But all good things must end. And just like the unwelcome spider, along came some hills, and these bad boys were stout. Like humps, bumps, and hefalumps, they rose like waves and broke against the helmsmen like gangbusters. The irksome undulations caused the thighs to quake and quiver. And as the pack continued to ebb to the right, slowly turning and inching their way south, they turned back into the wind without ever really noticing, until it was too late, like when a civilization cuts down its last tree, and later people wonder how the stupid bastards could have been so blind. But those bastard hills just kept on coming. Now, unfortunately though, the wind was once again impeding the pack’s forward progress. Time for Ali to step forward and zero in for the kill.

175 minutes into the affair, the pack entered the first Attack Zone of 2008. The Whistler screamed in terror, for he was mighty azoomled and befrazzled about what lay ahead—his stomach was in knots, and so were his legs. Immediately the group was thrust up a short hill, the Mur de Winterville—a quarter-of-a-mile big rangy-banger with just enough of an incline to cause lactic acid splinters to sizzle through the innards of a rider’s legs. Matt Go Man Whatley made the first move of the year. He scorched up the hill, but he couldn’t snap the chord. Making the right hand turn a quarter of a mile in at the top of the hill, the group was together, although stretched a little thin.

Hesitation, then bang-boom-bam, Kim Potter shot out of the pack like a shoulder launched missile. And she didn’t come back. She put her head down, and with less than 1 mile to go, Potter was threatening to steal the show, hammering like a hellhound escaped from the fiery inferno. Behind, the big bear riding on the back of the others was whispering in their ears and saying, “Let her go, she’s a she, just go to sleep, sleep, sleep in the arms of the master.” But the Mighty K! recognized the danger move and shot off and gave chase.

After turning right, the group encountered another quarter-of-a-mile flat section of ground before plunging down a steep ravine, followed by the final 1 kilometer cantankerous uphill drag to the line that was surely to cause much weeping and gnashing of teeth. Potter stayed away on this flat section, and K was closing. Reistad and Schectman, well known women haters—except when they need a little lovin’, which is quite often—couldn’t stand the sight of Potter off the front and went to the head of the bedraggled herd and opened up the throttle. The pack ripped down the hill at 86 miles an hour at captured a spent Potter. But the Mighty K! was still away, pedal banging off the front like a lunatic escaped from the insane asylum, which more than few believe he is.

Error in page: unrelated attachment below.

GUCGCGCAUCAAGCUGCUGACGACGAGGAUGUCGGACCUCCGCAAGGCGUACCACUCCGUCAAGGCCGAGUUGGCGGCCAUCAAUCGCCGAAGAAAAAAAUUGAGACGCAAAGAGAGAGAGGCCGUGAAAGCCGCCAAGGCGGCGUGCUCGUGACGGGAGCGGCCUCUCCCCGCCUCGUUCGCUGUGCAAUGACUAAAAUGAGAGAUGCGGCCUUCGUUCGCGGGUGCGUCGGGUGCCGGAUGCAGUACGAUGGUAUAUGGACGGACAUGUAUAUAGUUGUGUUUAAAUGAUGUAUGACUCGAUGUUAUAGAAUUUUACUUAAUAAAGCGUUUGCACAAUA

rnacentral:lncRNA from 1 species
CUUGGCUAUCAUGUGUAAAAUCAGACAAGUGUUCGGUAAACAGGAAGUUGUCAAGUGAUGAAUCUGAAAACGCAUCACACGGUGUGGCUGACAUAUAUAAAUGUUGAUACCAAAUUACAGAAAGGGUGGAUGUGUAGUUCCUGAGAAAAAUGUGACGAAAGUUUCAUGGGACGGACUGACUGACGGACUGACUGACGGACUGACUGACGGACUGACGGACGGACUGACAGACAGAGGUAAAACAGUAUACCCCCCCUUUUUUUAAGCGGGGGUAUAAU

Then Whatley went again, simultaneously screaming, “Damn the torpedoes and batten down the hatches,” and bridged to K at the beginning of the final up hill 1 kilometer thigh crusher. With 800 meters to go, K and Whatley had a tenuous 3 second gap on a pack that was in tatters behind. Flotsam and jetsam was scattered everywhere, the wheels were falling off the bus, and it was skidding and sparking towards the line. The young gun Michael Porter suddenly launched and bridged to the 2 escapees with 500 meters to go, dragging five hangers-on with him—Glenn Bradley, Frank Marrs, Dustin Mealor, the old dog Crowe, and the sly Roberto Rivers. The wind was battering the group now headfirst like a battering ram. The winner would have to use his noggin—move into the wind too soon, and the broom wagon would be scraping the poor fool off the pavement.

A few accelerations reduced the front group to 5, with the remainder of the pack stretched out like a broken chain up and down the road behind. Climbing the last few hundred meters of the final hill, the five waited-waited-waited, watching-watching-watching, then Crowe jumped for the win with 200 meters to go. He was already imagining how his wife would spend his hard earned cashola. But Roberto was short roped to Crowe’s wheel, filing his nails, sucking his teeth, and powdering his cheeks. 100 meters from the finis he flicked Crowe and drilled the win going away. As he crossed the line unchallenged, he raised both arms in the air and yelled “I look fabuloso!” and he blew kisses to the crowd. What a bastard.

Carney, watching on pay-per-vision, was ecstatic. He was also drunk. He awarded extra points to Potter, Whatley, M. Stone and the Mighty K! for aggressive Attack Zone riding. He handed Nancy Jones a point for being the toughest one of the bunch. And everyone is awarded 2 points on the day, plus an extra foul whether point for the wind, for a total of 3. Good job boys and girls. See you soon.

Ride details:

  • 1st: Robert Rivers - 10 points
  • 2nd: Old Dog - 8 points
  • 3rd: Dustin Mealor - 6 points
  • 4th: Glenn Bradley - 4 points
  • 5th: Frank Marrs - 2 points